Beef Jerky – homemade style
Beef Jerky has been on our list of things to make for a longgg time now. We’ve made it in the smoker before, but now that we have our dehydrator…. things just got serious. Don’t worry—If you don’t have a dehydrator you can still match a batch in the oven, I’ve got the info below for that.
Do you like to cook on the weekends? I sure do. Especially weekend night cooking projects- those are the best. And even more fun when your hubs is working on his own cooking project right next to you. 😛
Making this beef jerky is actually pretty easy, but there are some frequent FAQ’s that come up- (which way do you cut it? What kind of meat is best? How long do you dehydrate it?) I did some research and compiled some tips for you, and threw in some from Mark and myself as well 🙂 He’s quite the chef you know, especially when it comes to Jerky! Look at that technique…. he is in the zone.
Don’t have the time for homemade jerky?!
Leave it up to Mountain America Jerky then! 😉 I just had some from them and it was ah-maz-ing! They have a TON of different varieties. I like a little kick in my jerky, so their Spicy Beef Jerky was my favorite. They have samplers available where you can try a bunch of their different menu items. They also have cheeses, healthy snacks, pistachios, and more- I’m a big fan. 😀
Some health related tips on Homemade Beef Jerky:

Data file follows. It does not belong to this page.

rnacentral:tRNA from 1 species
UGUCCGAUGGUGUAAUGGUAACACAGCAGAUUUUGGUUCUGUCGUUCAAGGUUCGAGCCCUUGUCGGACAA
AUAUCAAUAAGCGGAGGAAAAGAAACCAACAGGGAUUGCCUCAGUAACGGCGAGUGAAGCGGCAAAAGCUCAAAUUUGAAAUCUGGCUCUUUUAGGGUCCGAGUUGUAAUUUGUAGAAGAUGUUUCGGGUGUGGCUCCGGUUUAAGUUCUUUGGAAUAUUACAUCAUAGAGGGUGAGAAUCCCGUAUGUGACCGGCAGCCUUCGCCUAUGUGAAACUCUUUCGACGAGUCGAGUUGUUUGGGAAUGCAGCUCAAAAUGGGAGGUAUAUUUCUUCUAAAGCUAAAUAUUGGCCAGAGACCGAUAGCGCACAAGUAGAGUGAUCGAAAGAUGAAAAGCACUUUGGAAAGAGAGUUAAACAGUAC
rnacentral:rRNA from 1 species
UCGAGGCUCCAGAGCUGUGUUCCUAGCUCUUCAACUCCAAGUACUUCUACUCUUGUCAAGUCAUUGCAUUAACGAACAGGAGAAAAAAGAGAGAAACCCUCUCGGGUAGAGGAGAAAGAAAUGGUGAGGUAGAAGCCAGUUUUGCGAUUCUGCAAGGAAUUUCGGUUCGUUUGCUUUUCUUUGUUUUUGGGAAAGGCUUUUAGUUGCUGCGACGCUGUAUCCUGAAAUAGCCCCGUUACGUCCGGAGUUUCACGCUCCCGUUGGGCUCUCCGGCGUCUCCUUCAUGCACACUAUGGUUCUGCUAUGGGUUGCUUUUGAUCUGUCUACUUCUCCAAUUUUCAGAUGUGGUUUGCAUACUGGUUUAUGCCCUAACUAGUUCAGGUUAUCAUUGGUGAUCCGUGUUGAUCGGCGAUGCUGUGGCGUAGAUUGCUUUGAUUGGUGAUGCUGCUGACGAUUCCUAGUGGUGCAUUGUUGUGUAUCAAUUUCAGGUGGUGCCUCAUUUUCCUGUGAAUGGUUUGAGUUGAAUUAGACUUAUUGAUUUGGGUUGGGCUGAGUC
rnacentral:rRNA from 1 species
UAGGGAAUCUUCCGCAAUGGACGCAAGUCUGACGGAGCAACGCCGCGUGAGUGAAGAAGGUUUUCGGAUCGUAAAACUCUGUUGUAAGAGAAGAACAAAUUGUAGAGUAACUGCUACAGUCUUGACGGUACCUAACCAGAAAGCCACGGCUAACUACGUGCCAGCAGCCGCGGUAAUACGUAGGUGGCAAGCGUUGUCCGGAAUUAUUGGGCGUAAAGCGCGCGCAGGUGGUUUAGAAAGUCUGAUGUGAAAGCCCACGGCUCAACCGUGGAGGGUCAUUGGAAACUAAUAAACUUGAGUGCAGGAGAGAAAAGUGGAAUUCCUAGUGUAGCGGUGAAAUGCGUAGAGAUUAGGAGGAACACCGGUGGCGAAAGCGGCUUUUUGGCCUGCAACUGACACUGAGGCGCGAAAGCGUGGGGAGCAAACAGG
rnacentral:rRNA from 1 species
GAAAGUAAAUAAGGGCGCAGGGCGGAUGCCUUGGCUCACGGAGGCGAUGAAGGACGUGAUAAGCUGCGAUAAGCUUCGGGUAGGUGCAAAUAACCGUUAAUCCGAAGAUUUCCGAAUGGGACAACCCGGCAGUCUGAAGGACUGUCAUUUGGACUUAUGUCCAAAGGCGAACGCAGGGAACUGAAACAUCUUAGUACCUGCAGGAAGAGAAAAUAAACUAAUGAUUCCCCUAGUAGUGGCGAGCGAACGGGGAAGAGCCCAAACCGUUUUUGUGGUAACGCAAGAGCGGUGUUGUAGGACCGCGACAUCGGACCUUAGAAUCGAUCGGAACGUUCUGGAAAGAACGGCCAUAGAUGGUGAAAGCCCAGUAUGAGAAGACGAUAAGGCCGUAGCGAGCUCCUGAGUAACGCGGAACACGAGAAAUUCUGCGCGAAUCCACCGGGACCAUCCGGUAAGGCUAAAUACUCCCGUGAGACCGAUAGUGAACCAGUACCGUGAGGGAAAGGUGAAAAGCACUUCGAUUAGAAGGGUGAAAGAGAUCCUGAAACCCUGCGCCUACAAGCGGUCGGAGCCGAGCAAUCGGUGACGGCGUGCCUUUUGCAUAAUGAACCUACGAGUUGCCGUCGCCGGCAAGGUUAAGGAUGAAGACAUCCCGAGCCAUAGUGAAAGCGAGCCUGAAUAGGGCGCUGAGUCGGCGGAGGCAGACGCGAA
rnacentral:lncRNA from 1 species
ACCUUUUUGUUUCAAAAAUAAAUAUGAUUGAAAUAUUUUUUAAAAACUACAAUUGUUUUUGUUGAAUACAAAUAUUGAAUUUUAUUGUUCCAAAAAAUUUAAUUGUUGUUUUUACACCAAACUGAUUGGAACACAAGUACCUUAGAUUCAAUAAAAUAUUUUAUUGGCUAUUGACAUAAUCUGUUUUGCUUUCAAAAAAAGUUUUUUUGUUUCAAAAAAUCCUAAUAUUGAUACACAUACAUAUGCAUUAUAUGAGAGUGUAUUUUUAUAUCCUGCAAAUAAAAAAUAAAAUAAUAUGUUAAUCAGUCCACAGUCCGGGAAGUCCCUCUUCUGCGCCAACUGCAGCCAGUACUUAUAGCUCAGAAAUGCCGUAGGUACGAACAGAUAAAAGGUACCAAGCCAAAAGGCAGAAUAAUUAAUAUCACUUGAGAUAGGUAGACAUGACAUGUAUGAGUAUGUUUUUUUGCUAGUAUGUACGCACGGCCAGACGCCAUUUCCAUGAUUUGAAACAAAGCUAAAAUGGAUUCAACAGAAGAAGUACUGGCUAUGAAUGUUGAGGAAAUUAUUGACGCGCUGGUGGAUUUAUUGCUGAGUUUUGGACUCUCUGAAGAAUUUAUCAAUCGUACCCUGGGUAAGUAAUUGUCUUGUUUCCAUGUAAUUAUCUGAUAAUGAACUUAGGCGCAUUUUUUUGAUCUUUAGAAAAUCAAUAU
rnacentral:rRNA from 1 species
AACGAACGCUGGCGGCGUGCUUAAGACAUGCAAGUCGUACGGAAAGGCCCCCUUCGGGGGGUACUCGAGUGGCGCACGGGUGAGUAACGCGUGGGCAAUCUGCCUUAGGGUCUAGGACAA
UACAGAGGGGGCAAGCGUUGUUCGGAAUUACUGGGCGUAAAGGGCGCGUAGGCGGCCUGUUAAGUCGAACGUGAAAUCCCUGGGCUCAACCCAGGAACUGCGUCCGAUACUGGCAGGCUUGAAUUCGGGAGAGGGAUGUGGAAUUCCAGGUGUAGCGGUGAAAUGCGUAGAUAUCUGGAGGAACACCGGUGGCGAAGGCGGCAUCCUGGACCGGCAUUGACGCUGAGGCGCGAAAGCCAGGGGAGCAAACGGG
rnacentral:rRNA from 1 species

Beef jerky is a really good snack to have I between meals. It’s packed with protein so it will keep you satisfied longer, and it doesn’t raise your insulin levels, which is the hormone that tells your body to store fat. And when you make it at home, you know exactly what’s in it. No chemicals or mystery meat… Bingo. (Not to mention, beef jerky at the store is so expensive.) No one’s got that kinda money. No one.
Summary of Homemade Beef Jerky Tips:
- The leaner the meat, the better.
- Placing the meat in the freezer prior to slicing makes it easier to slice. Not for too long, but long enough for it to firm up a bit.
- Cutting against the grain is best- this makes it easier to chew. Especially if the meat is a littler fattier. Look at which direction the strands of meat are going, and slice the opposite way.
- 1/4 inch slices is what you should aim for.
- Dehydration times can vary based on temperatures, moisture content of the meat, thickness of the cut, etc.
And now, on to the recipe…
- 2 lb. of one the following meats: round roast, rump roast, or flank steak
- ⅔ cup Worcestershire sauce
- ⅔ cup soy sauce
- 1 tablespoon honey
- 2 teaspoons freshly ground black pepper
- 2 teaspoons onion powder
- 1 teaspoon liquid smoke
- 1 teaspoon red pepper flakes
- Slice the meat against the grain into strips ¼ inch thick. Combine other ingredients together in a freezer bag and add the meat. Cover the meat all over with the mixture and place in the refrigerator for at least 2 hours, the longer the better. (We gave ours just 2 hours and it came out very flavorful.)
- Place the meat into the dehydrator. Ours took 7 hours to dehydrate at 150 degrees. Times can vary based on temperatures, moisture content of the meat, thickness of the cut, etc.
- I haven’t yet tried this method, but I’ve heard that you can bake the jerky in the oven at 160 degrees for about 5 hours. (But check on it every 30 minutes after the first couple of hours) Ideally, you would also leave the oven door cracked open a tad. You can use skewers to pierce the meat at the top and lay the skewer across the oven racks so that the meat hangs down. Here’s my lame attempt at giving you a visual:
Source: Alton Brown/TheFoodNetwork
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